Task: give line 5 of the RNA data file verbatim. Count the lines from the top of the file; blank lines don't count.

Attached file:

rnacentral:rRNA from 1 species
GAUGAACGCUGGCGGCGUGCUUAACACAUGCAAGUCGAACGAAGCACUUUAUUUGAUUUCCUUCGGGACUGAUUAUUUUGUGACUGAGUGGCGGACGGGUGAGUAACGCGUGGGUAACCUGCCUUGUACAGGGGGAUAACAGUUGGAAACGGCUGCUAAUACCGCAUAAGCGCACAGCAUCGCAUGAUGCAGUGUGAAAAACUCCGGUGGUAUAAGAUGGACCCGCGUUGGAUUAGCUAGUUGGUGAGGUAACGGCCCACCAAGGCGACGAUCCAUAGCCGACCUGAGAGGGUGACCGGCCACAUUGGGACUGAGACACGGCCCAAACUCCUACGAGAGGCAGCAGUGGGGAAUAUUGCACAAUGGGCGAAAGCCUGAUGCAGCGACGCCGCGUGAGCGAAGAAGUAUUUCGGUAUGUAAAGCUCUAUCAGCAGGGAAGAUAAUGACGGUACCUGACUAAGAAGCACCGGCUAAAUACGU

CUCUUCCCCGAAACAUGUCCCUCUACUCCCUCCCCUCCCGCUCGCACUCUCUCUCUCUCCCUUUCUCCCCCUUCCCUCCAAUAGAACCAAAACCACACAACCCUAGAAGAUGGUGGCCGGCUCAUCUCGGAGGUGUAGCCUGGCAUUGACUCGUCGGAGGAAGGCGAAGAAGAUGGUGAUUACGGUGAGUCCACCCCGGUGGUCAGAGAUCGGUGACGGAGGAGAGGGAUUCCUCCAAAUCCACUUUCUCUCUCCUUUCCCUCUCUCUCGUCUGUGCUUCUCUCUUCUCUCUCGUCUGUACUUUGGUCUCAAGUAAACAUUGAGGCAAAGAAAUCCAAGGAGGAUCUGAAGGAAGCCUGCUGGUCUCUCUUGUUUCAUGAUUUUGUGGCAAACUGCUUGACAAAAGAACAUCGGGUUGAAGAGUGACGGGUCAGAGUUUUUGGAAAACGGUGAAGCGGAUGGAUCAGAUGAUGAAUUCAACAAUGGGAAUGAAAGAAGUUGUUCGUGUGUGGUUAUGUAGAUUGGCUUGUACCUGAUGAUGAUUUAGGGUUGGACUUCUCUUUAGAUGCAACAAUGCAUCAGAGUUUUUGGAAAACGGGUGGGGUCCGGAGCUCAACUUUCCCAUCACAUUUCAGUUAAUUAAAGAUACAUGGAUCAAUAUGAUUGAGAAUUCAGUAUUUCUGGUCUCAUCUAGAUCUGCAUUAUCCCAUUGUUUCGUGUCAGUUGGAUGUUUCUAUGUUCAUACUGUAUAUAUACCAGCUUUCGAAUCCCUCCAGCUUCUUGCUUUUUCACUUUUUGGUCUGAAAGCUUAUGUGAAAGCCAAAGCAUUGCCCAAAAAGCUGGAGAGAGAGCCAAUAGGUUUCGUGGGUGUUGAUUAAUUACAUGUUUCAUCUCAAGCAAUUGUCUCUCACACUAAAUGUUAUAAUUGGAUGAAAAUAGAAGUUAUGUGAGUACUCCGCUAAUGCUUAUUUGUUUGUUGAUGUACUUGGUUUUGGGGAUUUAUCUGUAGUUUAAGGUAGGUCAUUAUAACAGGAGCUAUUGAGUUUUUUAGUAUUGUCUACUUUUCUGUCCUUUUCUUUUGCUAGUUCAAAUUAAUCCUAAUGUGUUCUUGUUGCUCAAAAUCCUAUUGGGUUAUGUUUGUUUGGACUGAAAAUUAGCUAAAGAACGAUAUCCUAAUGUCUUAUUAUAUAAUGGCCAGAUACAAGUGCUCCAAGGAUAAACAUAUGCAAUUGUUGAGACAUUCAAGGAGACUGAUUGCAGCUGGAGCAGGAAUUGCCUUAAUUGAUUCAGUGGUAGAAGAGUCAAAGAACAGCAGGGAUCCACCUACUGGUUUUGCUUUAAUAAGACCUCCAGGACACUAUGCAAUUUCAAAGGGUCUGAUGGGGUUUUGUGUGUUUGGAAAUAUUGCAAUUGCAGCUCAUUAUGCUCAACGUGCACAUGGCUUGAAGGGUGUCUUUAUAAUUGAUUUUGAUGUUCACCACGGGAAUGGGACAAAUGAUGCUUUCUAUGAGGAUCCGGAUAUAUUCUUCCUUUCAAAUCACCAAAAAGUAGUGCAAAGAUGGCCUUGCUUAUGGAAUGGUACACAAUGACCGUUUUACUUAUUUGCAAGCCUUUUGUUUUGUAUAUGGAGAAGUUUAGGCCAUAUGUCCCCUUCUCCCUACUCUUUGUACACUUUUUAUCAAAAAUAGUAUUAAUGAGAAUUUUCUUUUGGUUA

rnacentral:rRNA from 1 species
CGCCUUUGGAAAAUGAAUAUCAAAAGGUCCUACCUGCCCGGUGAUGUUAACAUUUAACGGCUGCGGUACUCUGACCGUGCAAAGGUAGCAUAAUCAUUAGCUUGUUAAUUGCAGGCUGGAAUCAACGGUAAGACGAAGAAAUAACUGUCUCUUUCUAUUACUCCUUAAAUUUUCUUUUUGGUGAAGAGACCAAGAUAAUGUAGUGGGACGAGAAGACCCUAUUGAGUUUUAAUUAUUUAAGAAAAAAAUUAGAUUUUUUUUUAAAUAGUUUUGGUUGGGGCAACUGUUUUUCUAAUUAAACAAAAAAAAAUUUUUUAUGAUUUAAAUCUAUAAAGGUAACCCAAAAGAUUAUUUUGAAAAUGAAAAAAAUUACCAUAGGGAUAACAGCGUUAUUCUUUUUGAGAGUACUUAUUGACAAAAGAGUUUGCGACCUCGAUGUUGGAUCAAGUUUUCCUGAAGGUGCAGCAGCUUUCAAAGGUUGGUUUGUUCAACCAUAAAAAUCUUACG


CGCCUUUGGAAAAUGAAUAUCAAAAGGUCCUACCUGCCCGGUGAUGUUAACAUUUAACGGCUGCGGUACUCUGACCGUGCAAAGGUAGCAUAAUCAUUAGCUUGUUAAUUGCAGGCUGGAAUCAACGGUAAGACGAAGAAAUAACUGUCUCUUUCUAUUACUCCUUAAAUUUUCUUUUUGGUGAAGAGACCAAGAUAAUGUAGUGGGACGAGAAGACCCUAUUGAGUUUUAAUUAUUUAAGAAAAAAAUUAGAUUUUUUUUUAAAUAGUUUUGGUUGGGGCAACUGUUUUUCUAAUUAAACAAAAAAAAAUUUUUUAUGAUUUAAAUCUAUAAAGGUAACCCAAAAGAUUAUUUUGAAAAUGAAAAAAAUUACCAUAGGGAUAACAGCGUUAUUCUUUUUGAGAGUACUUAUUGACAAAAGAGUUUGCGACCUCGAUGUUGGAUCAAGUUUUCCUGAAGGUGCAGCAGCUUUCAAAGGUUGGUUUGUUCAACCAUAAAAAUCUUACG